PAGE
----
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Just wanted to leave you with a shot of our pool. It’s small but deep, so we can cool off.

More photos next time — I hope! Hasta luego!

 

 

 

 

Muchos pesos, no muchos dolares

You may have heard that the exchange rate between U.S. dollars and Mexican pesos is great and getting better. That’s good for us, not so good for people here in Mexico.

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Mexican cash is colorful! The smallest bills are $20 pesos. The coin on the left is $10 pesos, on the right $2 and $5.

When we lived in Westmont, we got a weekly “allowance” from our favorite ATM on Ogden Avenue. Here, I’m getting a little more and hitting the ATM more often, but that’s because we use cash more frequently. Many restaurants and shops don’t take plastic. Likewise, tickets for concerts, lectures and other events.

One of our reasons for living in another country is the cost of living, so let’s talk about that, starting with the cost of food. Here are a few items we bought several days ago at el Comer, known locally as “Mega.” All prices have been converted to USD:

  • Reynolds aluminum foil roll, $1.13.
  • Loaf of whole wheat bread, $1.96.
  • Jumex orange juice, 900ml, 69¢.
  • Lavazza coffee, 12 oz., $7.37.
  • Barilla penne pasta gluten-free, 12oz., $4.91.
  • Hellman’s mayo, 190g, 89¢.
  • Four gala apples, $2.21.
  • Olive oil, 250ml, $1.72.

But we buy most of our food at the Saturday organic market just down the street, or at the public mercado just north of the main plaza. We get great produce at low prices. They don’t give receipts and I can’t remember the exact prices, but less than Mega.

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Greens at the Saturday organic market. 

On our way home from the public mercado, we stop in to a carneceria, a butcher shop. We’ve gotten some excellent pork chops, ground beef and mild chorizo there. Better quality and lower prices than Mega.

Why even go to Mega, you ask? For coffee (we really like Lavazza brand, which we discovered in Malta), some paper products, a few other things we can’t get at the mercado.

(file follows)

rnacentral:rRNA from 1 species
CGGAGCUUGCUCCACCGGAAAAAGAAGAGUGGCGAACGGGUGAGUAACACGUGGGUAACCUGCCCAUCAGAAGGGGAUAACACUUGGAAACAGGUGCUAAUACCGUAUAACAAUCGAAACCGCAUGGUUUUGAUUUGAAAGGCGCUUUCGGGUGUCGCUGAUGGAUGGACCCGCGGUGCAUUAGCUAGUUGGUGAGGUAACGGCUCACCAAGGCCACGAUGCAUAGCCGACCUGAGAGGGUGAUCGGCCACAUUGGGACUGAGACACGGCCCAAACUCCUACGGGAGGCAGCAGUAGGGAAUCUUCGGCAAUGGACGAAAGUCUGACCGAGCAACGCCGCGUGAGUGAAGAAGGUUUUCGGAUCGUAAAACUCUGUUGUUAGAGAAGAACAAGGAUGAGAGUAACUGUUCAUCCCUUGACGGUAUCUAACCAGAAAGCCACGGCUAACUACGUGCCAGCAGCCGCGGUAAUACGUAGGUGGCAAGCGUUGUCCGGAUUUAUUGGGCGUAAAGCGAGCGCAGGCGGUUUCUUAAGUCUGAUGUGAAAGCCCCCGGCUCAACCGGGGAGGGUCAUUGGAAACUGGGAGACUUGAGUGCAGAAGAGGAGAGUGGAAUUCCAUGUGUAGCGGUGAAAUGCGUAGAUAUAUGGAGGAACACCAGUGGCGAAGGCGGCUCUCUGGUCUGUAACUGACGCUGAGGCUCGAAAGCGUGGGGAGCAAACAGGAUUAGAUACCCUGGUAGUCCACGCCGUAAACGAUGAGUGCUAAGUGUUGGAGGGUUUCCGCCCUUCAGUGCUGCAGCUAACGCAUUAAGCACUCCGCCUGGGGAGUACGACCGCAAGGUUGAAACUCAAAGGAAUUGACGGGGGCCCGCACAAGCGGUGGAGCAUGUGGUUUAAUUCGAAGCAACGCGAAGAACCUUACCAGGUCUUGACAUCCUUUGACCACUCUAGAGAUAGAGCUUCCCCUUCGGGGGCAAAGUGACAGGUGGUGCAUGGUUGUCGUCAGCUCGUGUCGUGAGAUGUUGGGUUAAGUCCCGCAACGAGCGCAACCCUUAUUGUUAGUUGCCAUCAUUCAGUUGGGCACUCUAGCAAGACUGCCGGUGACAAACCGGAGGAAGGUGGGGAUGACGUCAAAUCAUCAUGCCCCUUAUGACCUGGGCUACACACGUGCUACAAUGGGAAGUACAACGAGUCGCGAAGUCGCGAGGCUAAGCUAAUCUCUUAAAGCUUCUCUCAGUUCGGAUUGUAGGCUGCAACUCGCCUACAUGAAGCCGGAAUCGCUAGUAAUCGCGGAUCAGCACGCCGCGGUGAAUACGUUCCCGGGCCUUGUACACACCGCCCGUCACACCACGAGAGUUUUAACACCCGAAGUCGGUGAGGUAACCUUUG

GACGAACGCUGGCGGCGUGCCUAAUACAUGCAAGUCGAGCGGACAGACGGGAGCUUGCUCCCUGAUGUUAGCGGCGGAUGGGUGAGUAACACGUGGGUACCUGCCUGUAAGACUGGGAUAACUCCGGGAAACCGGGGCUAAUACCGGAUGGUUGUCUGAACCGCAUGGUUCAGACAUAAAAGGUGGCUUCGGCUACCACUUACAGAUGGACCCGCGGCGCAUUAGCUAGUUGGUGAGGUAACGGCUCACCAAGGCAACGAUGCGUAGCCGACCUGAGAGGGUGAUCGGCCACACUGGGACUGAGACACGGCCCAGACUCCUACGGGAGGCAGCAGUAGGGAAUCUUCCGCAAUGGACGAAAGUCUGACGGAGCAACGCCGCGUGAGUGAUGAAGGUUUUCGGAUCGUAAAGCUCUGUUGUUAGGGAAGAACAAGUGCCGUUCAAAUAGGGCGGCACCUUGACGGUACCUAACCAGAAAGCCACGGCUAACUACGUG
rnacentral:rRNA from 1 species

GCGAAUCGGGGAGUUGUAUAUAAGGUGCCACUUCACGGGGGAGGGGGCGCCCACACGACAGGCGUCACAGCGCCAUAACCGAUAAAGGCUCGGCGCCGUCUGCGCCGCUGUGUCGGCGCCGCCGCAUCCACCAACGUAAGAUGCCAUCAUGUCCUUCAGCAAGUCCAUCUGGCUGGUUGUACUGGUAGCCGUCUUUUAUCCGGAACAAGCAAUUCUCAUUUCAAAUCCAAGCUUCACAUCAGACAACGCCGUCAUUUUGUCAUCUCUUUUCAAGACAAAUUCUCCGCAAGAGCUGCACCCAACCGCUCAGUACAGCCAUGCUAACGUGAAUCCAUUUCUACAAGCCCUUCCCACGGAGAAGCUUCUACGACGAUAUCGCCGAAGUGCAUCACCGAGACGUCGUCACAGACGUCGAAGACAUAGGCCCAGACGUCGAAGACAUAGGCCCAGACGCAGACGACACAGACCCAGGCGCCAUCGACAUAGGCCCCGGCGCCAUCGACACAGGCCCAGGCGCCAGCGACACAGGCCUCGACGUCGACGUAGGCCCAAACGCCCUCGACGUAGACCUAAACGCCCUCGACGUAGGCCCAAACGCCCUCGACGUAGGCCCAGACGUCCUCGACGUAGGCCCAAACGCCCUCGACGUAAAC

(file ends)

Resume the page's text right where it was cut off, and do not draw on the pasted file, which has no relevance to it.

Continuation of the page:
Restaurant prices — again, there’s a range of prices. The anniversary dinner we enjoyed Monday night at one of SMA’s high-end places cost about what we would pay at our former haunts, such as Bakersfield, our favorite Westmont eatery, or Devon, the great seafood place in Oak Brook Terrace. Lunch today, on the other hand, was just $200 pesos with tip. That’s not even ten bucks for two people having lunch.

Other costs. Dry cleaning, we pay $45 pesos per item, or about $2.20 USD. Leslie got a mani/pedi a week ago and paid $300 with tip, less than $15 USD. I’m scheduled for a haircut tomorrow. They tell me it will be $250 pesos. Got some very nice Mexican wines a few days ago for just over $10 USD a bottle. Our buddy Ken Stevens would appreciate that!

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Great-looking zanahorias, carrots.

Housing costs are all over the place, but for the most part they are fairly consistent with prices in the Chicago area. One local real estate agency is advertising a three-bedroom newly built home with high ceilings and a rooftop entertainment area. It’s just over 1,600 square feet and is listed for $139,000 USD, but it’s nowhere close to the Centro where you find most of the restaurants, bars, galleries and shops. Still a good price. Centro properties can be more than $1 million USD, but the same agency has a three-bedroom with over 3,000 square feet listed for $850,000 USD. Includes a two-car garage and a rooftop terrace.

Rental rates also vary, depending on location, of course. One agency’s website lists a two-bedroom in the El Encanto neighborhood for only $950 USD a month, but you definitely need a car to get anywhere. The same agency has a gorgeous 2/2 in San Antonio, within a 15- to 20-minute walk to Centro, for only $1,140 USD a month. It includes a garage and rooftop terrace. And nearly all rentals are fully furnished. Some sales are, too!

Two interesting things about real estate here. First, all the agencies list their prices in U.S. dollars, which should tell you who they’re marketing to. Second, there is apparently no multiple-list service like in the States. And we’ve heard the agencies do not cooperate with each other. Go to a local Coldwell Banker agency, for example, and they will only show you their own listings. That might be an issue for our friend, Slav Polinski of the CB office on Main Street in Downers Grove, the best real estate guy in the western suburbs!

One thing we have learned about living in San Miguel de Allende — and Mexico in general, I suppose — is that utility costs are pretty high, especially electricity. In some of the other places we will be living, especially Puerto Vallarta and Mérida, we are being asked to pay extra for the electricity we use.

That gives you an idea of what it costs to live here in San Miguel de Allende. If you have specific questions about what things cost here, just ask. We’ll let you know.

Hasta luego!